Massage therapy has been shown to benefit people who have had amputation surgery, managing chronic pain, enhancing performance, alleviating depression, and improving quality of life.
According to studies done by St. John’s Rehabilitation Center in Toronto, massage therapy helps alleviate phantom limb pain, residual limb pain, hypersensitivity, muscle tension & spasms, scar tissue, swelling, anxiety and depression (1).
Most of the benefits that massage therapy offers are “frequently identified as goals of rehabilitation and very relevant to amputee care” (1).
• Reduce swelling
• Increase circulation
• Reduce muscle tightness and stiffness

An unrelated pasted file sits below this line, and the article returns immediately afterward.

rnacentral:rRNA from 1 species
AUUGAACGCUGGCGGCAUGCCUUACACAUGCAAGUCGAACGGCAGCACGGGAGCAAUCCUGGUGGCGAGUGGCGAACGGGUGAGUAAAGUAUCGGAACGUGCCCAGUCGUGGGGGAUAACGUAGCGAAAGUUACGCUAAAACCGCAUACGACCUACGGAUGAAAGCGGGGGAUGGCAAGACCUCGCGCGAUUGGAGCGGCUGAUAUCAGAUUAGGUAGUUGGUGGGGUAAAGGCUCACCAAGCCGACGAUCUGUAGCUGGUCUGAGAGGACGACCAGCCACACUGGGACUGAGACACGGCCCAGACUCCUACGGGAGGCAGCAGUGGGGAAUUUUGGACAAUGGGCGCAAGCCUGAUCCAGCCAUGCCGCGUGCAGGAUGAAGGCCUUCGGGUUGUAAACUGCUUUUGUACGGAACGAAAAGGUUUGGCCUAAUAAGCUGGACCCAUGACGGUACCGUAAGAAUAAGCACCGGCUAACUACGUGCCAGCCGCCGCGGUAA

• Reduce scar tissue tightness
• Reduce spasms
• Increase muscle length
• Decrease pain
• Decrease anxiety and stress
• Improve sleep (i.e. duration)
• Increase state of relaxation
Massage therapy is highly recommended for those beginning prosthetic training as well as those with ongoing prosthesis; massage will help alleviate muscle strain, soreness, tension, and pain related to changes in posture and new demands placed on muscles involved (2).
(1). Kania, A. (2009). Amputee Rehabilitation & Care. Massage Therapy Canada. Retrieved from
(2). Kania, A. (2004, July/August). Integration of Massage Therapy Into Amputee Rehabilitaion & Care. In Motion. Retrieved from